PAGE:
(Numbers 25:1-27:20)

(Kings I  5:26-6:13)

1. Parshat Trumah tells us about the vessels and “furniture” of the Tabernacle in the wilderness. Next week’s parsha, Tetzaveh, speaks mainly about the clothing of the Kohen Gadol (the High Priest). Then, surprisingly, at the end of  Parshat Tetzaveh [30:1] , the golden altar—the incense altar—is spoken about. This should have been in Parshat Trumah. Why is the incense altar not mentioned with the other furniture and why is it brought after the Torah speaks about all the furniture and the clothing of the High Priest?

2. In the mishkan, there were things that appealed to all of our senses. The menorah: sight; the bread: taste; the incense: smell; the songs of the Levites: hearing; leaning on the sacrifice: touch. If the mishkan is supposed to be such a spiritual and elevating experience, why are the physical senses such a large part of that experience?

3. [25:4] “And blue and purple and scarlet…”  The Tabernacle in the desert had a wide variety of colours and materials. What is the reason for this variety, and how does the variety affect the people?

4. Our rabbis tell us that the mishkan is a model of man. The aron represents the, intellect and the faculty of speech; the menorah, represents the eyes and the sense of sight; the table that held the “bread,” corresponds to the sense of taste; the altar for the ketoret, is the sense of smell; and the outer altar represent the digestive system and other “functional” organs. Where are the emotions and intuitions represented?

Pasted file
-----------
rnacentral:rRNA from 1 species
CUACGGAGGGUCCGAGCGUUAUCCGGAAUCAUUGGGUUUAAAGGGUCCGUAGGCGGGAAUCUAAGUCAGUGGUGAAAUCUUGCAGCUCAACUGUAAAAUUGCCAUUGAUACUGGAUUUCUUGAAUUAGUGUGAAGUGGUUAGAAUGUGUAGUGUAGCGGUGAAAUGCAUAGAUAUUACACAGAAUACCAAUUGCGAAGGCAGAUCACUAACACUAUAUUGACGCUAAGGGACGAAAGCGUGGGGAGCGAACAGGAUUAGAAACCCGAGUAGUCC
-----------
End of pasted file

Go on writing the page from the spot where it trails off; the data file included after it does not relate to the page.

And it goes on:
5. [Haftara] The mishkan in the wilderness was built with voluntary contributions [Shmot 25:2]. The Temple in Jerusalem was built with a compulsory “mas” a tax—men were compelled to do the work. The Temple could also have been built through volunteers. What are the social advantages of voluntary contributions and what are the social advantages of a tax—compulsory contributions?


[Haftara: 6:12] “As for this house which you are building, if you will walk in my laws…I will live among the Israelites, and not leave them”.

God said to Shlomo, the king, “Don’t think that this building with all its magnificence is what will bring my Presence to the people. Rather, it is proper behaviour and spirituality which bring my Presence. And through the spirituality, my Presence will remain even after the building is destroyed: “I will live among the Israelites, and not leave them”.

–Kochav M’Ya’akov, R. Yaakov Weidenfeld (1840-1894), Grimalov

This study page is dedicated to the memory of Gad Eliahu ben David and Kochava–Eli Zucker

And to the memory of Sarah Bella bat Yitzchak Kummer, Chaim Yosef Yechiel ben Eliyahu Kummer and Eliyahu and Margaret Kummer


Mizmor LeDavid meets at the Mesorati High School, 8 Beitar Street, in the auditorium. There is another minyan that meets there, we are the one further north. Accessible from Beitar, the single gate at the bottom of the semi-circle of steps, or from the north end of Efrata Street, through the gate on the right, then turn left.

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